New blood thinner cuts risk of further events

Report by Liam O'Neill, ACC 2015, San Diego

The addition of long-term use of the newer anti-clotting drug Brilinta to aspirin, significantly reduces the rate of subsequent death from cardiovascular causes, heart attack or stroke, according to a study presented at the American College of Cardiology’s 64th Annual Scientific Session.

The double-blind PEGASUS-TIMI 54 trial recruited 21,162 patients who had experienced a heart attack in the previous one to three years. Each had an additional risk factor such as diabetes or older age which put them at increased risk of a second heart attack.

Patients were randomly assigned to a twice-daily regimen of ticagrelor at 90 mg, ticagrelor at 60 mg or placebo. Both ticagrelor doses reduced the chances of cardiovascular death, heart attack or stroke, the study’s primary endpoint, with a 15 percent reduction in the 90-mg group and a 16 percent reduction in the 60-mg group compared to the placebo group.

“The benefit we saw was remarkably consistent across the individual components of the endpoint and in all the major subgroups of patients,” said Marc S. Sabatine, M.D., M.P.H., chair of the TIMI Study Group, a senior physician in the Cardiovascular Division at Brigham and Women’s Hospital and Harvard Medical School in Boston, and the study’s principal investigator.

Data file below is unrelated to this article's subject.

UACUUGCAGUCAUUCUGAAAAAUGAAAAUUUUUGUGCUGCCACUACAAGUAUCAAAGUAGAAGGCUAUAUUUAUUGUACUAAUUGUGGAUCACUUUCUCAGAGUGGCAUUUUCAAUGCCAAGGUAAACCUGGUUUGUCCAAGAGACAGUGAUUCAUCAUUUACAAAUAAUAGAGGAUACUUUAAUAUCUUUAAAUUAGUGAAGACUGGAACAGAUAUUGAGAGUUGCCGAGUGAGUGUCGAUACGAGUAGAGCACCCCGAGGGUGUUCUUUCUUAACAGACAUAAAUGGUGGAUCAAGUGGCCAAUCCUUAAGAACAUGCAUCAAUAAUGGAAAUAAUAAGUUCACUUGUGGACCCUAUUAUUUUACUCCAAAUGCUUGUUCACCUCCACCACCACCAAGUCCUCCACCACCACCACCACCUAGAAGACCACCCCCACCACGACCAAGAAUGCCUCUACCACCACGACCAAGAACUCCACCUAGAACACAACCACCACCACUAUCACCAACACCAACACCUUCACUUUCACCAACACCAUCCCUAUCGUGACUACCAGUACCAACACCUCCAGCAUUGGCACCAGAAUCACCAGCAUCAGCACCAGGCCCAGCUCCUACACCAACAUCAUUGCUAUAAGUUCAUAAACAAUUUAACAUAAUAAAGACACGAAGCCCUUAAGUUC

“Moreover, we followed patients for an average of just under three years, and our event curves continue to spread out over time, suggesting that the benefit continues to accrue over time.”

The twice-daily 90-mg dose of ticagrelor is already approved for patients with acute coronary syndrome. Researchers included a lower dose in this study, to study whether platelet inhibition needed two years after a heart attack might be different from what is needed two hours after a heart attack. Findings from a pharmacokinetic and pharmacodynamic substudy comparing the two dose levels will be presented at a later date.

Bleeding is the major side effect of blood thinners and excess bleeding was seen in both treatment arms, although bleeding into the brain and fatal bleeding were not more common with  ticagrelor, Sabatine said. Shortness of breath (dyspnea) was more common with ticagrelor than placebo. Bleeding led to discontinuation of ticagrelor in about 7 percent of patients on the study drug, and dyspnea led to discontinuation of the study drug in about 5 percent of patients on the drug.

“Efficacy was virtually identical with both ticagrelor doses,” Sabatine said. “Risk of bleeding and dyspnea tended to be, as predicted, a bit more with the 90-mg than the 60-mg dose, but the trial wasn’t designed to compare those two dose levels.”

“Now that we have the evidence, when faced with a patient who has had a heart attack, based on these data, I would continue treatment with ticagrelor as long as the patient tolerated it,” Sabatine said.